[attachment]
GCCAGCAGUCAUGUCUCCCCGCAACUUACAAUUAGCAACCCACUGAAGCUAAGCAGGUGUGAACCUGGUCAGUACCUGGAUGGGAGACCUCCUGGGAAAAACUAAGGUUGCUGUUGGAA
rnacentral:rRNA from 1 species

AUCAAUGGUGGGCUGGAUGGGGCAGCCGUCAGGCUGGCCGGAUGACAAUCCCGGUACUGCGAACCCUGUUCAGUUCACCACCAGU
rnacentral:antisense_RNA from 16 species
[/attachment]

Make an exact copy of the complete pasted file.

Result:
GCCAGCAGUCAUGUCUCCCCGCAACUUACAAUUAGCAACCCACUGAAGCUAAGCAGGUGUGAACCUGGUCAGUACCUGGAUGGGAGACCUCCUGGGAAAAACUAAGGUUGCUGUUGGAA
rnacentral:rRNA from 1 species

AUCAAUGGUGGGCUGGAUGGGGCAGCCGUCAGGCUGGCCGGAUGACAAUCCCGGUACUGCGAACCCUGUUCAGUUCACCACCAGU
rnacentral:antisense_RNA from 16 species